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Clendenin gets black caucus endorsement

Posted Dec 19, 2012 by William March

Updated Dec 19, 2012 at 09:56 PM

The state Democratic Black Caucus of Florida has endorsed Alan Clendenin of Tampa for state Democratic Party chairman.

Meanwhile, a political journalism web site, Political Hurricane, says it’s about to publish a story to the effect that Clendenin’s opponent Allison Tant, a former lawyer/lobbyist in Tallahassee, lobbied for a database firm responsible for a controversial voter purge list in the 2000 election cycle.

A Clendenin news release quoted Democratic Black Caucus of Florida President Bruce Miles saying Clendenin “has consistently demonstrated a commitment to inclusiveness” and “has a long-standing relationship with the Democratic Black Caucus of Florida. ... Black grassroots Democrats will have a place at the Florida Democratic table under Alan Clendenin’s leadership.”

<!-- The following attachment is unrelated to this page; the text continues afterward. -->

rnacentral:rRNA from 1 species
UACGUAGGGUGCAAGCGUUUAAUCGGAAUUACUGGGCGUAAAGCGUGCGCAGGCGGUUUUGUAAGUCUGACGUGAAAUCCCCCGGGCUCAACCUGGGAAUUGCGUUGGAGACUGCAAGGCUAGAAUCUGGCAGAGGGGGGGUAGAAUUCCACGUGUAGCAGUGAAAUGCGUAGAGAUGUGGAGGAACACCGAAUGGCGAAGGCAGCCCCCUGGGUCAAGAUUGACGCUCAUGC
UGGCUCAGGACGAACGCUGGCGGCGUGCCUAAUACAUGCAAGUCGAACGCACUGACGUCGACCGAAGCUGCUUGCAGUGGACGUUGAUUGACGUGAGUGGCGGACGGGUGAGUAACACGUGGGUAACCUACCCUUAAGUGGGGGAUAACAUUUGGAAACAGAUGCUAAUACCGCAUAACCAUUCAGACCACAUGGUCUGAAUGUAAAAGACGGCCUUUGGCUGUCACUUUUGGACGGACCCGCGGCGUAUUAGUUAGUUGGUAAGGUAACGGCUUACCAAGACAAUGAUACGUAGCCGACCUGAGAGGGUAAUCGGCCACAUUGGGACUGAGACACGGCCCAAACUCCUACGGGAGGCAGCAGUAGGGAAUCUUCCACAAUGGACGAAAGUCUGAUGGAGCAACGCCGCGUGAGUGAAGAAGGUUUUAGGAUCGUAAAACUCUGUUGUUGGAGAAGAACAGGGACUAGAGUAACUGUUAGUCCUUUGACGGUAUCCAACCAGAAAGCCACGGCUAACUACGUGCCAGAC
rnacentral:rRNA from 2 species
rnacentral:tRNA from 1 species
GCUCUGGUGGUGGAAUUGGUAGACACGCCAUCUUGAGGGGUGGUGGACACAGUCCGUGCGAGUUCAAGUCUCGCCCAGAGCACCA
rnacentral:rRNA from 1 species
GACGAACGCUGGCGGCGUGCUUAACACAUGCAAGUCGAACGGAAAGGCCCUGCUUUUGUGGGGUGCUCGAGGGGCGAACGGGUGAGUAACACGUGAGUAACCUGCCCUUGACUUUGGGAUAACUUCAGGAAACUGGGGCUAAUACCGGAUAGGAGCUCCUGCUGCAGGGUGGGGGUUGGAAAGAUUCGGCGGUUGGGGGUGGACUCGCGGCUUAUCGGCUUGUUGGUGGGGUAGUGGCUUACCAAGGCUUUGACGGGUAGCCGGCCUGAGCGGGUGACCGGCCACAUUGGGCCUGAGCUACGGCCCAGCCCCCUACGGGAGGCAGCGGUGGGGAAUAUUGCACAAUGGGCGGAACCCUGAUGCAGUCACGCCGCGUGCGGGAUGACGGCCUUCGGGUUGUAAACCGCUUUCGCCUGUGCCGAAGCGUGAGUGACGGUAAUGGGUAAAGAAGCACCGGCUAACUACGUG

Clendenin is in a tough race against Tant, prominent party fundraiser from Tallahassee, for the state chairmanship. Tant was a key fundraiser and organizer in President Barack Obama’s Florida campaigns in 2008 and 2012, and has backing from national party figures including Sen. Bill Nelson and Rep. Debbie Wasserman Schultz of Weston, who’s also national Democratic Party chairman.

Miami-Dade Democratic Party Chairman Annette Taddeo-Goldstein, formerly a candidate, this week dropped out of the race to support Tant.

Political Hurricane says Tant was a lobbyist in 1999 and 2000 for Database Technologies Inc., a Boca Raton-based computer firm which compiled a votger “purge list” of supposedly ineligible voters on voter rolls. The list was sent by the office of then-Secretary of State Katherine Harris to Florida election supervisers. It contained so many inaccuracies some supervisors, including Pam Iorio of Hillsborough County, refused to use it, but Democrats contend it resulted in thousands of black voters being wrongly removed from voting rolls.

At the beginning of 2000, Georgia-based ChoicePoint Inc. took over Database Technologies. State records confirm that until September, 2001, Tant was a lobbyist for ChoicePoint.

ChoicePoint defended its work, saying the voter list was not intended not as definitive and that supervisors were to verify the information before purging their voter rolls.